A friend recently forwarded me Mo Yan‘s speech at the Swedish Academy, accepting his Nobel Prize in Literature. I’ve read a novel and a collection of Mo Yan before and my reading group is in the process of reading another novel of his now. To me, Mo Yan is not only a writer, but social critic. I wonder if those who voiced the controversies regarding his winning of the prize have read or understand his writings.
I read his novel “Life and death are wearing me out” in English and found his way of revealing the social changes and injustice via the eyes of reincarnated animals refreshing and clever. I’m also very impressed by the English translation done by Howard Goldblatt, though I must say, the title in Chinese is much better and cleaner. (Goldblatt is such a good translator that I sometimes prefer reading his translation than the originals, which has never happened to me in reading others’ translation before.) For “Big Breasts and Wide Hips”, the novel my group is reading now, I’m shifting between Chinese and English, trying to get a better sense of both the writing and the translation. A nice exercise.
Below is a few excerpts from his speech that I find inspiring:
“Humility and compromise are ideal in one’s daily life, but in literary creation, supreme self-confidence and the need to follow one’s own instincts are essential.”
“What I should do was simplicity itself: Write my own stories in my own way. My way was that of the marketplace storyteller, with which I was so familiar, the way my grandfather and my grandmother and other village old-timers told stories.”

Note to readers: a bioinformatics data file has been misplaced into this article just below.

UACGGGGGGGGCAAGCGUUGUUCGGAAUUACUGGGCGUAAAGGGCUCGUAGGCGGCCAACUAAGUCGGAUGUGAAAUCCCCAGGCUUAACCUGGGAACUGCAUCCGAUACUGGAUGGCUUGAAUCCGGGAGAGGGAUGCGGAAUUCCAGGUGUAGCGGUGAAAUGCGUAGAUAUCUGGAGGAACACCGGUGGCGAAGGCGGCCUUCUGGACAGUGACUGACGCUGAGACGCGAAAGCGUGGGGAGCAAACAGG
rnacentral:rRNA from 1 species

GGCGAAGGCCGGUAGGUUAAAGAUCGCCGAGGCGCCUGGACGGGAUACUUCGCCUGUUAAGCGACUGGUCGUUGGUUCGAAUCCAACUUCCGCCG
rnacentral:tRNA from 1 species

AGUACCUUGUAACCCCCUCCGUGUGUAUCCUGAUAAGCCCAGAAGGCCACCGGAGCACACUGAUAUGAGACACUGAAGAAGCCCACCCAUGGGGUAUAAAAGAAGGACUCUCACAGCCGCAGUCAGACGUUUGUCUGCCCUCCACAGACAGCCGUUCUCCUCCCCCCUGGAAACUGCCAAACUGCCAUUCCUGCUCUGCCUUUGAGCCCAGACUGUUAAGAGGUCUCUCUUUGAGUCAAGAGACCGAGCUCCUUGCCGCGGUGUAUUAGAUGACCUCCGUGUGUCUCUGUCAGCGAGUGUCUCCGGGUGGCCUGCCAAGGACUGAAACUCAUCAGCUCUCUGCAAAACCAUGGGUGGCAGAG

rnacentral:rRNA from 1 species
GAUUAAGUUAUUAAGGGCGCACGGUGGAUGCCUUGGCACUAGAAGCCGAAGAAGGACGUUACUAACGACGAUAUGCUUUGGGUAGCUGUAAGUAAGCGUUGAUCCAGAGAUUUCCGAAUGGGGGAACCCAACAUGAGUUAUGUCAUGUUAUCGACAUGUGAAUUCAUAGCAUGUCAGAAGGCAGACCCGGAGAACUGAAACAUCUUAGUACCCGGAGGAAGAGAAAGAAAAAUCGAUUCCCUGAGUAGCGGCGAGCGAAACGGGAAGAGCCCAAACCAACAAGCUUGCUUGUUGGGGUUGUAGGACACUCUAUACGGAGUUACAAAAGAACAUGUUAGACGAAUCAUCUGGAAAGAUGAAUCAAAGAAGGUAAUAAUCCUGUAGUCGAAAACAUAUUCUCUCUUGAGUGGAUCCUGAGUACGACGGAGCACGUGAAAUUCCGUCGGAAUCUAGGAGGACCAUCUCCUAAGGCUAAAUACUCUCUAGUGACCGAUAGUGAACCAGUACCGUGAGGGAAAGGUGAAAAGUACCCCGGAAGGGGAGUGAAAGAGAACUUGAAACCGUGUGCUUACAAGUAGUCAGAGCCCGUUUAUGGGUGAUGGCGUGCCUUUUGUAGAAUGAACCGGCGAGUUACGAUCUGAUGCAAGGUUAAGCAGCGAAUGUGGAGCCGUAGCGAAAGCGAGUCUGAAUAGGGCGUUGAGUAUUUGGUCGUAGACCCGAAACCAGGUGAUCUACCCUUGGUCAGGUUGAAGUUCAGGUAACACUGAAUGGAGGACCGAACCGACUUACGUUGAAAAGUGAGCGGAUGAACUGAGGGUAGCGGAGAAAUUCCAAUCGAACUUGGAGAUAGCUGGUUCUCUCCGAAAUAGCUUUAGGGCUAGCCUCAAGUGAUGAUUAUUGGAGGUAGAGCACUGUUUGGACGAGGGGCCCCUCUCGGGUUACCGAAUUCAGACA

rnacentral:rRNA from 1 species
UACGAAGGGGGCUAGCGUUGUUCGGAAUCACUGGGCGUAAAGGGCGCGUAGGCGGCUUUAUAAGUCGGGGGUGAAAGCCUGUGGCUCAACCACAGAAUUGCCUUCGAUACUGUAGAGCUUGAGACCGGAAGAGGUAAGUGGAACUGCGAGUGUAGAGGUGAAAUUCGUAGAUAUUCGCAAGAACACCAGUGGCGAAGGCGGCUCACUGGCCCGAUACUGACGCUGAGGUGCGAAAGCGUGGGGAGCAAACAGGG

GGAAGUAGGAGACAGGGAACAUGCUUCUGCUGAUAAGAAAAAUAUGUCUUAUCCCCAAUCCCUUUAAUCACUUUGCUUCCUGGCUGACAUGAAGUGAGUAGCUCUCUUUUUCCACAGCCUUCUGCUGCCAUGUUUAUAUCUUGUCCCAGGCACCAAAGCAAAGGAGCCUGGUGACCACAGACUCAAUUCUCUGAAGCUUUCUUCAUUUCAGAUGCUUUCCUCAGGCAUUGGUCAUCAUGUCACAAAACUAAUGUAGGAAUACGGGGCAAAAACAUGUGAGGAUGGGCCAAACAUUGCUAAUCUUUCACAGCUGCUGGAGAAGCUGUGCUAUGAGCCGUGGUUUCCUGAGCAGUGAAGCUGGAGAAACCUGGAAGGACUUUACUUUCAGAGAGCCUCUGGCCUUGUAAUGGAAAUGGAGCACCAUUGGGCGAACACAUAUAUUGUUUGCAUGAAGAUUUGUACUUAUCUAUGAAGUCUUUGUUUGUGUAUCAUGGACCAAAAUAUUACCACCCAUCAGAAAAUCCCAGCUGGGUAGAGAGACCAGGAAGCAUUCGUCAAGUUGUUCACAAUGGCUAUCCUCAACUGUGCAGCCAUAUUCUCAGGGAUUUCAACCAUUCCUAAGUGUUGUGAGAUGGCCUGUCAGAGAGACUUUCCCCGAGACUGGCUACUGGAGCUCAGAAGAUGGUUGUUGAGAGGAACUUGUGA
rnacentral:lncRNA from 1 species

“My greatest challenges come with writing novels that deal with social realities, such as The Garlic Ballads, not because I’m afraid of being openly critical of the darker aspects of society, but because heated emotions and anger allow politics to suppress literature and transform a novel into reportage of a social event. As a member of society, a novelist is entitled to his own stance and viewpoint; but when he is writing he must take a humanistic stance, and write accordingly. Only then can literature not just originate in events, but transcend them, not just show concern for politics but be greater than politics.”
“Possibly because I’ve lived so much of my life in difficult circumstances, I think I have a more profound understanding of life. I know what real courage is, and I understand true compassion. I know that nebulous terrain exists in the hearts and minds of every person, terrain that cannot be adequately characterized in simple terms of right and wrong or good and bad, and this vast territory is where a writer gives free rein to his talent. So long as the work correctly and vividly describes this nebulous, massively contradictory terrain, it will inevitably transcend politics and be endowed with literary excellence.”
“Many interesting things have happened to me in the wake of winning the prize, and they have convinced me that truth and justice are alive and well.
So I will continue telling my stories in the days to come.”
Translated by Howard Goldblatt. Read entire speech at http://www.nobelprize.org/nobel_prizes/literature/laureates/2012/yan-lecture_en.html
Jian Ping, author of Mulberry Child: A Memoir of China, which has been developed into an award-winning feature-length documentary film by Susan Morgan Cooper and is narrated by Jacqueline Bisset.